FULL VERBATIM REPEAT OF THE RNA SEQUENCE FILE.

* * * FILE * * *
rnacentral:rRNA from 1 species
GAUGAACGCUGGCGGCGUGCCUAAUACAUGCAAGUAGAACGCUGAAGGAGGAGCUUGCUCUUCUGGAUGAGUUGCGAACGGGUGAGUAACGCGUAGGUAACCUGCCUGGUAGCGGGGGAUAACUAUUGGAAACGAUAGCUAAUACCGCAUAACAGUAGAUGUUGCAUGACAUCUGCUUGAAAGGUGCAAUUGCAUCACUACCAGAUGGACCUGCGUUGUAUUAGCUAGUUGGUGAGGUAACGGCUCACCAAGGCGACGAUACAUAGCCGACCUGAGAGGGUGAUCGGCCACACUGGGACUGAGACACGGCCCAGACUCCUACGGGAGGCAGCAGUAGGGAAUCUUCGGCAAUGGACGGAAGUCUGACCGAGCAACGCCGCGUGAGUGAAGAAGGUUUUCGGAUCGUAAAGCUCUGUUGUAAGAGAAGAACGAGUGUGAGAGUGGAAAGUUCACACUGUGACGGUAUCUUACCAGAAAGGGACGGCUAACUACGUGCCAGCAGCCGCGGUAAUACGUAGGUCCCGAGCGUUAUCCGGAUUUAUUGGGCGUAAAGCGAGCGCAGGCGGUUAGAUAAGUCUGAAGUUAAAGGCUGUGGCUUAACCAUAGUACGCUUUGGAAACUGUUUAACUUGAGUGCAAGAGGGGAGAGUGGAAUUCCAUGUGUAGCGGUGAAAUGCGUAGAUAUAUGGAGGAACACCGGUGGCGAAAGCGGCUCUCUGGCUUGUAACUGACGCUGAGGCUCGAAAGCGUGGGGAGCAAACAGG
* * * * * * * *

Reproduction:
rnacentral:rRNA from 1 species
GAUGAACGCUGGCGGCGUGCCUAAUACAUGCAAGUAGAACGCUGAAGGAGGAGCUUGCUCUUCUGGAUGAGUUGCGAACGGGUGAGUAACGCGUAGGUAACCUGCCUGGUAGCGGGGGAUAACUAUUGGAAACGAUAGCUAAUACCGCAUAACAGUAGAUGUUGCAUGACAUCUGCUUGAAAGGUGCAAUUGCAUCACUACCAGAUGGACCUGCGUUGUAUUAGCUAGUUGGUGAGGUAACGGCUCACCAAGGCGACGAUACAUAGCCGACCUGAGAGGGUGAUCGGCCACACUGGGACUGAGACACGGCCCAGACUCCUACGGGAGGCAGCAGUAGGGAAUCUUCGGCAAUGGACGGAAGUCUGACCGAGCAACGCCGCGUGAGUGAAGAAGGUUUUCGGAUCGUAAAGCUCUGUUGUAAGAGAAGAACGAGUGUGAGAGUGGAAAGUUCACACUGUGACGGUAUCUUACCAGAAAGGGACGGCUAACUACGUGCCAGCAGCCGCGGUAAUACGUAGGUCCCGAGCGUUAUCCGGAUUUAUUGGGCGUAAAGCGAGCGCAGGCGGUUAGAUAAGUCUGAAGUUAAAGGCUGUGGCUUAACCAUAGUACGCUUUGGAAACUGUUUAACUUGAGUGCAAGAGGGGAGAGUGGAAUUCCAUGUGUAGCGGUGAAAUGCGUAGAUAUAUGGAGGAACACCGGUGGCGAAAGCGGCUCUCUGGCUUGUAACUGACGCUGAGGCUCGAAAGCGUGGGGAGCAAACAGG